• Sadly (and unfortunately) it seems to be an instinctive reaction of people to complain when things are not going their way. They totally forget to put their circumstances into comparison with others and it is important (would suggest critical) to always do that.
        If you want a happy life, and given that the world does not revolve around you, it comes down to taking responsibility for your own emotions. It is simply too easy to blame the weather, the government, your friends etc. etc. when things go wrong …… but that does not solve anything. Laying blame simply excuses you from taking any responsibility for your own emotions! As for the weather? Why allow something that you have no control over spoil your day?
        A quote which I especially like (author unknown):

        “I cried because I had no shoes …………….. until I met a man who had no feet.”

        Think about it and celebrate what you DO have rather than focus on what you DO NOT have. 🙂

  3. The world has not suddenly started getting shallower by the minute, but perhaps you are now becoming aware of the fact. The problem, as I see it, is that there are a lot of immature, selfish people in the world. They cannot get a sitter for their young child (or do not want to pay for one) so the child goes to the movie with them regardless of appropriateness. When an adult giggles at a “sexual encounter” movie scene, I have to question their perception of love and intimacy. These are the same people who drive recklessly, throw their garbage on the ground, do not pick up after their dog, make fun of mentally challenged individuals ….. and so the list goes on. I would suggest that the Romans cheering (or jeering) at their own “blood sports” is no different so this sad trait goes back a long way.
    When I used to drive to work in the morning, I would always the remember the “idiot” who cut me off with an unsignaled lane change, or the one who blasted passed me at a speed way in excess of the limit. I would not however remember the 400-500 cars with whom I shared the road and who drove responsibly. The point here is acknowledge the reality that human nature leaves a lot to be desired and is often disappointing ….. but never forget the fact that there are many, many people who are more thoughtful, are more respectful, and simply more mature. We always acknowledge the negatives in our world, but we must also recognize the positives otherwise we become rather jaded, negative, and disheartened. Keep smiling ……… that’s always a good start! 🙂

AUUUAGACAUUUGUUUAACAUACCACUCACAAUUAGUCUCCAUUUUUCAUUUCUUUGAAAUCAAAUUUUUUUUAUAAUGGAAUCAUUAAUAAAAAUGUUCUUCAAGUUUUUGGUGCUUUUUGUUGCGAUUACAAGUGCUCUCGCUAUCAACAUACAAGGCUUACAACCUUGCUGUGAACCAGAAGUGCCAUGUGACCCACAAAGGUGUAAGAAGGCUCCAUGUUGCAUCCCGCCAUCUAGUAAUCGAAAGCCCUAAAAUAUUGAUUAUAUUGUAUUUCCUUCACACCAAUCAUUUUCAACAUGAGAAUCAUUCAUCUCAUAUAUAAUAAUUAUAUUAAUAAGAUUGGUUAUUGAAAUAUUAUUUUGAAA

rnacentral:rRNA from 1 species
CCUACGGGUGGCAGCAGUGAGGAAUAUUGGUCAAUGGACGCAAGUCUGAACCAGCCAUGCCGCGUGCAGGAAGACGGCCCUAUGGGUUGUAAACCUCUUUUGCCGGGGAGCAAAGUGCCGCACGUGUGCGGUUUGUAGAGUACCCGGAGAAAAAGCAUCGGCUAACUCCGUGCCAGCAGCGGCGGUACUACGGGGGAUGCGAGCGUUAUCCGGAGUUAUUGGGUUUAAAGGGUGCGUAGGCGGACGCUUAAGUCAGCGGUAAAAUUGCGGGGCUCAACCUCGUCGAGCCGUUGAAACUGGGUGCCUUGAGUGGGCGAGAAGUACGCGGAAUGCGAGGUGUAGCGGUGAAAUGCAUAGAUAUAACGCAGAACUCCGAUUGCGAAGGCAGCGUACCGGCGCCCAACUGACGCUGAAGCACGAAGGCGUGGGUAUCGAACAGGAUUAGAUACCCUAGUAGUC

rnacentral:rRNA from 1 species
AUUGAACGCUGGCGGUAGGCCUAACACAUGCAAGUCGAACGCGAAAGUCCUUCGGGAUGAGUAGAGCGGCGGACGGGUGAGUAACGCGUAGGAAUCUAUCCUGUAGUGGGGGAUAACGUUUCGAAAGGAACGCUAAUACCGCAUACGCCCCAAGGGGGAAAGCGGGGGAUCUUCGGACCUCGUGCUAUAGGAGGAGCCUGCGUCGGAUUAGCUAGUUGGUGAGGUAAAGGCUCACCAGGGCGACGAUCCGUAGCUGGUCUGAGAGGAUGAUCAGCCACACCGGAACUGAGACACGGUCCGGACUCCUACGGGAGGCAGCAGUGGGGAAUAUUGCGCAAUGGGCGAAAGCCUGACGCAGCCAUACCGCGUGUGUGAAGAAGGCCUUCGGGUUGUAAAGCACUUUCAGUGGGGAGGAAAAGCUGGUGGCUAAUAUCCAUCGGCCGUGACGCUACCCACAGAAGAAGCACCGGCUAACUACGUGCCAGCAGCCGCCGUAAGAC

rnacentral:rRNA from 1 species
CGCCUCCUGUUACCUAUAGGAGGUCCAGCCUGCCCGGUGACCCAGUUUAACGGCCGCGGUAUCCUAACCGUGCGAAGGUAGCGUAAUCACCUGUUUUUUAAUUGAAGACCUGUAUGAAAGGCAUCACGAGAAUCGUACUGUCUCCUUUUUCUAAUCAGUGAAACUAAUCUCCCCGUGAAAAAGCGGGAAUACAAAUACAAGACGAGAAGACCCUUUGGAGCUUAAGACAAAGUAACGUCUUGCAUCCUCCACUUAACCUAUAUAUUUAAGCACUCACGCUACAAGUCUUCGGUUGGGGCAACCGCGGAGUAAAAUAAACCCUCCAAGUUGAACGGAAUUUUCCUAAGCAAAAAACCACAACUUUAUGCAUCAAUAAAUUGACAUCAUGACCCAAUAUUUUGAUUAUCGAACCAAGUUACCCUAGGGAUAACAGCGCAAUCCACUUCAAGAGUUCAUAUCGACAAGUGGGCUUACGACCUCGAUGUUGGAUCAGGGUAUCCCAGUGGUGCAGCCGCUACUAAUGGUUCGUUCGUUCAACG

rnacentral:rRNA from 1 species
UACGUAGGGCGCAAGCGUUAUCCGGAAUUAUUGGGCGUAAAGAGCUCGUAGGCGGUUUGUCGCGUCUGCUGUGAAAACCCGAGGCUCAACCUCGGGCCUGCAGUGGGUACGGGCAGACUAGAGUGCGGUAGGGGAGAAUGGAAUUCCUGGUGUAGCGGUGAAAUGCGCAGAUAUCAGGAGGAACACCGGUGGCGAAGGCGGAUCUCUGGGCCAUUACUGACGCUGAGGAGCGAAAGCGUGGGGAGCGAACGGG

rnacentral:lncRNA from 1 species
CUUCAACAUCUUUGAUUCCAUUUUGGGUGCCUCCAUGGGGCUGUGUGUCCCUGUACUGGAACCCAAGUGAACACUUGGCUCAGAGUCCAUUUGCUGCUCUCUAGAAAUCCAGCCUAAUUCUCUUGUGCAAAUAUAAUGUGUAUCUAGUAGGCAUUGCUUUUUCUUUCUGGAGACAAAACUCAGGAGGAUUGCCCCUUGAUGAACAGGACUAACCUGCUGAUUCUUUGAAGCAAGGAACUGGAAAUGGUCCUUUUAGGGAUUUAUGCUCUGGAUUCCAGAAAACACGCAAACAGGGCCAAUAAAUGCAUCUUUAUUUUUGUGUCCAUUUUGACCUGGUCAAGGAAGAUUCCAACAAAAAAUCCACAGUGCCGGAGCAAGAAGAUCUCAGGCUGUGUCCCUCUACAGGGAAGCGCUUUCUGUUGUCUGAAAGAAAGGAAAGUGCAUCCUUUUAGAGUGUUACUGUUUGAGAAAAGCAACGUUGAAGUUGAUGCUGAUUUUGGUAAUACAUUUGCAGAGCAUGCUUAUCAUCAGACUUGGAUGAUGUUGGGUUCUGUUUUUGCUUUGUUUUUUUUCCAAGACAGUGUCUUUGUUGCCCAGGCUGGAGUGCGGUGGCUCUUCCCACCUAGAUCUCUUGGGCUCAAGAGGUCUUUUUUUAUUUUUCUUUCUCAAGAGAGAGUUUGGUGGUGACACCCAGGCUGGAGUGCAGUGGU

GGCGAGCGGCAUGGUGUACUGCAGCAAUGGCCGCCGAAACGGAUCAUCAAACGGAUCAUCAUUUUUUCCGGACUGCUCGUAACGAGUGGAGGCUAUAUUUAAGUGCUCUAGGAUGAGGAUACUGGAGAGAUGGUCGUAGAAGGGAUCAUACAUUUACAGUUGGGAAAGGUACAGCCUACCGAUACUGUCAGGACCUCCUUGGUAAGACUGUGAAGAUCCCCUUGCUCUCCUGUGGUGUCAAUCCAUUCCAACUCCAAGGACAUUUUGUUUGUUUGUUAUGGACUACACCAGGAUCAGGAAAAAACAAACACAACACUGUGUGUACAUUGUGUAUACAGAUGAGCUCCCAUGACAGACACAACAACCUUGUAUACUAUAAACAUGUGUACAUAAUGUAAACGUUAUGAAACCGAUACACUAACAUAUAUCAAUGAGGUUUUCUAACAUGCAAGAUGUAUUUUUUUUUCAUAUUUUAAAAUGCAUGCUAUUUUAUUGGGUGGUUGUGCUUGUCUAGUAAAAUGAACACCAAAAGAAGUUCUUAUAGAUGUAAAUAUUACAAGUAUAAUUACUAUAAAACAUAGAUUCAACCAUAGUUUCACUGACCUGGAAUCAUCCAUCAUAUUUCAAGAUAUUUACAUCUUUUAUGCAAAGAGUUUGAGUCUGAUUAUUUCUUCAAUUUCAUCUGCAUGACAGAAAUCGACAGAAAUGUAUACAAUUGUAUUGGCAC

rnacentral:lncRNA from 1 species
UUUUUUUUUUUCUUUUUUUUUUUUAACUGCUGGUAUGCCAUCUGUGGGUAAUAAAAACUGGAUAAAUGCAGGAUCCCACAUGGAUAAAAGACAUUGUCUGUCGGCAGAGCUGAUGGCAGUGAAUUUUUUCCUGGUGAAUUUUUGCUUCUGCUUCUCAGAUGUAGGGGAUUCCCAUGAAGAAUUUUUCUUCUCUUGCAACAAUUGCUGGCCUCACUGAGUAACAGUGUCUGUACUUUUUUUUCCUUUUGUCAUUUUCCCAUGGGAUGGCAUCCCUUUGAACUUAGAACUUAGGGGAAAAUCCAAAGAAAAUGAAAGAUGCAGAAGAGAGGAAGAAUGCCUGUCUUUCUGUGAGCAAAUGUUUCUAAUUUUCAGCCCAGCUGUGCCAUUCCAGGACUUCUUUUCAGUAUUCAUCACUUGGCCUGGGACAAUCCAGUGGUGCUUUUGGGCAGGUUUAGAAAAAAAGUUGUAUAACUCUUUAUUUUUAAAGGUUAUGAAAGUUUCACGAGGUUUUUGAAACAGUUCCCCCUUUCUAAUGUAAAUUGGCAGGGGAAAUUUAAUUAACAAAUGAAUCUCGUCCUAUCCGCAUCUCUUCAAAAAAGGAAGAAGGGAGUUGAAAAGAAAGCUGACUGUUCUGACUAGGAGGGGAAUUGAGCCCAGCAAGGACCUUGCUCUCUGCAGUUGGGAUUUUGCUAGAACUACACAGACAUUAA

• Cheers, Colin! I love hearing from you for you always present a brighter, happier side to situations. I have to agree – we never fail to denounce the negatives and the disappointments but take a lot of goodness for granted.

      I also agree with your theory about the kids in the theatre. But I still feel the parents could choose otherwise. Rent a home DVD, make alternate plans, etcetera. Why spoil the experience for others? Why, for that matter, expose impressionable young minds to content they are probably not mature enough to understand yet?

      I love your example of the Romans and blood sports. Sometimes, the world seems to be headed that way. We love violence; we are often voyeuristic. We are commitment phobics; we are intolerant of anyone who doesn’t think the way we do. But yeah, we also have good Samaritans like yourself and that is probably reason enough to raise a toast to the world! 😉 🙂

    • Or maybe our spirit has been affected by all the shallowness. Let’s look at the sunshine today. Not that there is any dearth of it in the city lately! *sweating* 😛